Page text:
Population bomb, in reverse: Too few babies — not too many — is emerging as a major global problem

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Credit: James Ferguson
Credit: James Ferguson

In Japan, people buy more diapers for the elderly than babies… And the population growth rate in the U.S. is at historic lows, reminiscent of the Great Depression era.

A new study published in npj Urban Sustainability explores the future of underpopulation and how it’s likely to affect sustainability goals. Using demographic data from United Nations reports, the study argues that the underpopulation problem is dynamic and twofold: Populations are simultaneously shrinking and ageing.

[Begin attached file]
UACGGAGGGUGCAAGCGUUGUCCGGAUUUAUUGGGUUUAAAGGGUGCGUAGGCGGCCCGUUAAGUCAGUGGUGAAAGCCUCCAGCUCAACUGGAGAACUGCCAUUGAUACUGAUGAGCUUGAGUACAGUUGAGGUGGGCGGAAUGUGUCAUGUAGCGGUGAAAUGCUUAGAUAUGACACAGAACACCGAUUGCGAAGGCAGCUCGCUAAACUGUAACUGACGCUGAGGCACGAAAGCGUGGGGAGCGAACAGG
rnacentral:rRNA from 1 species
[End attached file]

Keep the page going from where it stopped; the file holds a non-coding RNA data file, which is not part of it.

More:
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[S]ome nations are already passing or exploring policies to boost fertility rates, including “baby bonuses,” subsidized child care, and paid paternity and maternity leave.

If successful, these interventions could usher in a new demographic phase which the study calls the “vulnerable hourglass,” characterized by low mortality but recently high fertility. This could result in a population with many young and elderly people, but relatively few working-age adults, who could become overburdened.

The researchers noted that demographic shifts are complex, and much remains uncertain about how factors like urbanization will affect not only population levels but also the environment and socioeconomic conditions worldwide.

Proportion of aged population (in 2020 and 2050) and urban population (in 2018). Credit: Jarzebski et al./Urban Sustainability

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